the archduke, does not surrender the kingdom during the truce, be will
recover it by force, &c.
Fr. Headed : A Mons le Grand Maistre, du 17 Dec. 1531.
588. Sir John Gage to his son James Gage.
Since your departure I hear that men in the Court marvel much that
I have not otherwise provided for Nekke, but allow him to go about
masterless. Some think it is unkind in me; and others, that it is for his
lewd behaviour. I desire you to ask Master Cromwell from me to take him
into his service; if he will not, send him home to me with Master Cromwell's
answer. I do not wish him to be at Court this Christmas without a master.
The Charterhouse at Shene, 19 Dec.
Hol., p. 1.
Fox, IV. 689.
589. John Tewkesbury.
1. Examination of John Tewkesbury.
On Wednesday, 21 April 1529, at London, before Cuthbert bishop of London,
Hen. bishop of St. Asaph, and John abbot of Westminster. Being
asked his opinion concerning the book called The Wicked Mammon, he
replied that he thought there was nothing in the book but what was true.
In the same month of April, Tewkesbury was again examined before the
bishops of London, Ely, Lincoln, and Bath and Wells concerning The
Wicked Mammon, which he had sold. Nineteen articles extracted from the
book were put to him; to which he replied, "I pray you reform yourself,
and if there be any error in the book, let it be reformed. I think it is good
enough." He was appointed to answer again on the morrow, in presence of
John Cox, vicar-general to the archbishop of Canterbury, Galfride Warton,
Rowland Philips, Wm. Philow, and Robt. Ridley, professors of divinity.
On the 13th (fn. 3) day of April, Tewkesbury again appeared, and was examined
on five articles out of The Wicked Mammon; and on May 8 was enjoined
penance, to carry a faggot at St. Paul's Church on the Sunday following;
and at other places on the Wednesday and Friday next, to wear faggots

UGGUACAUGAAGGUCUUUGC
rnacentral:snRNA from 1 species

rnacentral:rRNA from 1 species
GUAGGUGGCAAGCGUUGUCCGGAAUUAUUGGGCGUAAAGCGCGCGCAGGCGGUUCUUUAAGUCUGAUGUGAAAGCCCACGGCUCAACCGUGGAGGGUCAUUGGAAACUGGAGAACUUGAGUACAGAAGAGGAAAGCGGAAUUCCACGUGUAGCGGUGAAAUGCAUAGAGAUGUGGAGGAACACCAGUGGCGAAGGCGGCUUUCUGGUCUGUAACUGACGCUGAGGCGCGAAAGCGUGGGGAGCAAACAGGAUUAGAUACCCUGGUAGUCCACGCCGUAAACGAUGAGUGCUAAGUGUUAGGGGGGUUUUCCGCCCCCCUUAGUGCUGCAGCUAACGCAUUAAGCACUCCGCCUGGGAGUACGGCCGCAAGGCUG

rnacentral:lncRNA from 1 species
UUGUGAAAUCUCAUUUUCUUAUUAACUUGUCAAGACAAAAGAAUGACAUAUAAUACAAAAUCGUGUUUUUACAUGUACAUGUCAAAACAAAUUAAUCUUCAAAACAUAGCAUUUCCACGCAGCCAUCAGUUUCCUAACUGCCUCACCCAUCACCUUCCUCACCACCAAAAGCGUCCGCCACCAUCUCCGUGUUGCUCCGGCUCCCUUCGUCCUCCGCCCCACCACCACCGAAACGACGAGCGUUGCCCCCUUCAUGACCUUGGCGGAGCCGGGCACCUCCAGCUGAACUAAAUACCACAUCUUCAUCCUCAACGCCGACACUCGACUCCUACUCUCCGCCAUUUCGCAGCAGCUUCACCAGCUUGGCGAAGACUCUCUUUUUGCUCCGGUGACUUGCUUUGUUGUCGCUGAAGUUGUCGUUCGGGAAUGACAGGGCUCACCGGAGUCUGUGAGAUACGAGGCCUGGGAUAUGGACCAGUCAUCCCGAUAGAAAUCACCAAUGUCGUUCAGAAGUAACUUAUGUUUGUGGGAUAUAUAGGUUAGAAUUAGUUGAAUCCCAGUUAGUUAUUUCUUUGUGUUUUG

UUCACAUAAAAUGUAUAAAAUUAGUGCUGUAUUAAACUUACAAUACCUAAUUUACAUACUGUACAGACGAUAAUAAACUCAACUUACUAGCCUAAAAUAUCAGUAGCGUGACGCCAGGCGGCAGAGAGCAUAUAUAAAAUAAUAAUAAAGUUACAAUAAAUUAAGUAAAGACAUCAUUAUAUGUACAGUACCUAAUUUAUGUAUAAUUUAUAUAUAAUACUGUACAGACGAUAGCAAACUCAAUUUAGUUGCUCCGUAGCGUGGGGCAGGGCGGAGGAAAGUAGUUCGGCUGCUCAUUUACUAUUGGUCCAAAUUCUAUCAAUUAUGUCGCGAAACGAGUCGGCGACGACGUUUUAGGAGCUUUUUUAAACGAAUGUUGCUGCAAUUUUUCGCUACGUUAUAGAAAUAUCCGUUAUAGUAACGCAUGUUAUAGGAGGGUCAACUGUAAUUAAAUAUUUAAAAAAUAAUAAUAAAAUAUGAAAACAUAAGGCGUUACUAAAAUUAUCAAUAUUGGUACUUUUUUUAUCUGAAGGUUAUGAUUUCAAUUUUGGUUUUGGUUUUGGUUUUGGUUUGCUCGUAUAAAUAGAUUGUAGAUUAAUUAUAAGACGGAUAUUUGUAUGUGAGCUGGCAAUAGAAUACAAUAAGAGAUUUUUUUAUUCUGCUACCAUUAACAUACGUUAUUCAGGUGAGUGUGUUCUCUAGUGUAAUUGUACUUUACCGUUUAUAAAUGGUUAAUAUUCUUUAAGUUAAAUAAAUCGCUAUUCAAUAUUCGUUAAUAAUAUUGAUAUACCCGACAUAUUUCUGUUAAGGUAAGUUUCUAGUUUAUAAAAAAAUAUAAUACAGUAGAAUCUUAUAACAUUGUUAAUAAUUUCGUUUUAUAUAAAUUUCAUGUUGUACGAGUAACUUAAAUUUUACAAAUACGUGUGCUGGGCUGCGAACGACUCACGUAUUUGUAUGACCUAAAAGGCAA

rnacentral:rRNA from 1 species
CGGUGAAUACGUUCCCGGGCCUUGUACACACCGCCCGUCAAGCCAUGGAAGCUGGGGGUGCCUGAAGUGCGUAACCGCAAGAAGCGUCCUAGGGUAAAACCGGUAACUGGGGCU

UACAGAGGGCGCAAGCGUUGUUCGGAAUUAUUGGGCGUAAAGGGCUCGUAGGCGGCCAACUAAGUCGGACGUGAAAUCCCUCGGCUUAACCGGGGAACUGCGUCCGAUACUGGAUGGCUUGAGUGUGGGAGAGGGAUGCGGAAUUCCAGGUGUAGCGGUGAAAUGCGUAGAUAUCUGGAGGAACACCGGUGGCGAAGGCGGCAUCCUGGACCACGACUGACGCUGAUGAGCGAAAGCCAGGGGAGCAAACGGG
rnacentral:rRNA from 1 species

embroidered on his sleeve; on Whitsunday eve to enter the monastery of
St. Bartholomew's, and there remain till released by the Bishop; and not to
leave the city or diocese of London without the Bishop's leave.
Fox, IV. 693.
2. His relapse.
In consequence of an examination before Tunstall and More, in which
Tewkesbury confessed that he had read The Obedience of a Christian Man
and The Wicked Mammon since his abjuration; that he had suffered the
two faggots to be taken from his sleeves; that faith only justifieth; that
there is no purgatory, &c.;—sentence was pronounced against him by the
bishop of London, in the house of Sir Thos. More at Chelsea, on 16 Dec.
, and he was burned at Smithfield on St. Thomas's Eve, Dec. 20; Ric.
Gresham and Edw. Altam being sheriffs.
590. Anthony Cave to Cromwell.
Sends a bill of the particulars of such rents as he cannot receive of
the manor of Tickfford, and desires to know what to do. Most of them are
pensions of benefices or portions of tithes and chief rents, so that distresses
cannot easily be taken. Begs Cromwell to continue his kindness to himself
touching this house, as the lease he has is of small value without the residue
of the tithes and profits. Tickford, 20 Dec. 1531.
Hol., p. 1. Add. : To his right worshipful Mr. Thomas Cromwell be this
delivered in London.